Athabascan


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  • noun

Synonyms for Athabascan

a member of any of the North American Indian groups speaking an Athapaskan language and living in the subarctic regions of western Canada and central Alaska

References in periodicals archive ?
The corporation is owned by 1,700 shareholders of Ahtna Athabascan descent from the Copper River and Cantwell areas and employs more than 2,200 workers throughout its subsidiaries.
She is a proud Athabascan woman and very talented in all of the crafts of her Native culture.
Christina Edwin, an Athabascan teenager, wrote that she enjoyed waking up outside and working with a spectacular view.
Michael Stickman: 907-563-9334 International Chairman of Arctic Athabascan Council
Hydaburg School District, Annette Island School District, and the Council of Athabascan Tribal Governments are the three awardees.
SEATTLE, June 13 /PRNewswire/ -- The newly formed Yukon River Fisheries Marketing Association is bringing together two distinct cultures, Yup'ik Eskimos and Athabascan Indians, for the purpose of promoting Yukon River Wild King salmon.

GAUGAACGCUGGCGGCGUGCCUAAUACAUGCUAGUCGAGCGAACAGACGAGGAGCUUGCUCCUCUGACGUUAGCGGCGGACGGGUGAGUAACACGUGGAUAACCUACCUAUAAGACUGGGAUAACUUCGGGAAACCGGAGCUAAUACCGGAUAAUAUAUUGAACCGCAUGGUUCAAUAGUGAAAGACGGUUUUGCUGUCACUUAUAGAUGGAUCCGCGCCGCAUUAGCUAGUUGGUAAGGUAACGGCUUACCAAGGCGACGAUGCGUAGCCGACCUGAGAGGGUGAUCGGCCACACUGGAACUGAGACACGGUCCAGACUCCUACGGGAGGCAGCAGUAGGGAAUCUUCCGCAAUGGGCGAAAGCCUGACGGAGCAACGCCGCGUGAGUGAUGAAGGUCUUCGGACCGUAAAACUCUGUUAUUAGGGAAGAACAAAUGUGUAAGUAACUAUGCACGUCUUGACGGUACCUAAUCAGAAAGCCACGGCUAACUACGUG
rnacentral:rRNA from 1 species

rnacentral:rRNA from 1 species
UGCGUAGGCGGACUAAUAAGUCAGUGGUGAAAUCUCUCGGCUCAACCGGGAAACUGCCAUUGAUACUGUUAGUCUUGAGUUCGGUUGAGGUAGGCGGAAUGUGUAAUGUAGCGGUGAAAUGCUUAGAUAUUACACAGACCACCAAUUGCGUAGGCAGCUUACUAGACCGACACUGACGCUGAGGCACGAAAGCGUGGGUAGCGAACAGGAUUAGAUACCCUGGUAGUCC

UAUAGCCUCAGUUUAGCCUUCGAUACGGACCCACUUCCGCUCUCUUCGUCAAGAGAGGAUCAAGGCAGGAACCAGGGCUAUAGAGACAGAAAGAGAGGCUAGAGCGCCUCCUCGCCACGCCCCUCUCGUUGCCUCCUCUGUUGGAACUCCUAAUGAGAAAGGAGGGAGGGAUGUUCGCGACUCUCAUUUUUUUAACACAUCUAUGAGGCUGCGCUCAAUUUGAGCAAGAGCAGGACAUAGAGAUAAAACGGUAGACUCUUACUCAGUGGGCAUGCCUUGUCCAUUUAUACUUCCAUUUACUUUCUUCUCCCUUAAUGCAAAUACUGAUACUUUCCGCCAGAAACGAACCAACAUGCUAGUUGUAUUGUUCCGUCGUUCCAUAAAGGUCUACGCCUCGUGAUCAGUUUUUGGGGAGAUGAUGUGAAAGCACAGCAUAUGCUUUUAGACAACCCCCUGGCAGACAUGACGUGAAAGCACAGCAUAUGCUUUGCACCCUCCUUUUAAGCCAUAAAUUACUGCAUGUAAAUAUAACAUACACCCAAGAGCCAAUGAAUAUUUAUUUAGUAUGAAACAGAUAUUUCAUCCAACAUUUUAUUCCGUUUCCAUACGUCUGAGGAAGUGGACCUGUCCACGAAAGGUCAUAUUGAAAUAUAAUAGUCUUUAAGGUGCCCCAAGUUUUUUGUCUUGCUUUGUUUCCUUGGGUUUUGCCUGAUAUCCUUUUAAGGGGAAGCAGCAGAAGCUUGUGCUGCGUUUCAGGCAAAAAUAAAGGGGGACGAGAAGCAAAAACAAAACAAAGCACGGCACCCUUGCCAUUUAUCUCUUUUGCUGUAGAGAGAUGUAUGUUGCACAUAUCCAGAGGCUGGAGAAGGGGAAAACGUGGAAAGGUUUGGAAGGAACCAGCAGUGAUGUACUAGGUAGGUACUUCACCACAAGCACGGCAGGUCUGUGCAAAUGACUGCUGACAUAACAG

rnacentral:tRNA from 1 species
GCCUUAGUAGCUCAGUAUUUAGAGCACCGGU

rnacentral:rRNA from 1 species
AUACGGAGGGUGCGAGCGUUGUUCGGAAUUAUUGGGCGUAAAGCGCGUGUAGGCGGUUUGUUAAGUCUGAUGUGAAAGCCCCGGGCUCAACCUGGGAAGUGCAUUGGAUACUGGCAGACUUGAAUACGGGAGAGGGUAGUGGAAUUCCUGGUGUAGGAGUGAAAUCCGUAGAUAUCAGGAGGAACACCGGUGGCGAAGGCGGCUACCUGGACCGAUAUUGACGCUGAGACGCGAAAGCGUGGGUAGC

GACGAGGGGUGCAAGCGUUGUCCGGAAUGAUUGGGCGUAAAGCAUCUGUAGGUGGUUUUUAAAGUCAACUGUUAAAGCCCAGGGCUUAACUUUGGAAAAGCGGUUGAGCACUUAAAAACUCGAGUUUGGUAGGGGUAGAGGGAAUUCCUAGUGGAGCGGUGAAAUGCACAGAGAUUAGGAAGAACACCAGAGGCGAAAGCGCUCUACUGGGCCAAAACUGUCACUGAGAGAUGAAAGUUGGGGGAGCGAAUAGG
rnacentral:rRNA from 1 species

The website itself will be based in Fort Yukon, under the auspices of the Council of Athabascan Tribal Governments.
Galena, a mainly Athabascan village with a population of four hundred, is about 270 miles west of Fairbanks.
An Athabascan Indian name meaning, "The High One," Denali , which is located in Alaska and is also known as Mt.
Find more information at The Athabascan Fiddlers Association Facebook page.
Native Village of Venetie Tribal Government and was impressed with the work of Heather Kendall-Miller, an attorney of Athabascan descent who represented the village of Venetie, the respondent, before the Supreme Court.
Andreassen said there are also six permanent seats for indigenous peoples of the North, four of which are in Alaska--the Aleut, Inuit, Gwitch'in, and Arctic Athabascan.
The 30th Annual Athabascan Fiddlers Festival is an annual gathering of Native musicians for a musical celebration.
The property is located approximately 25 miles northeast of Anchorage, in the heart of Dena ina Athabascan country where Alaska Native people have lived for thousands of years.
The book is a biography of the author's Athabascan mother and grandmother.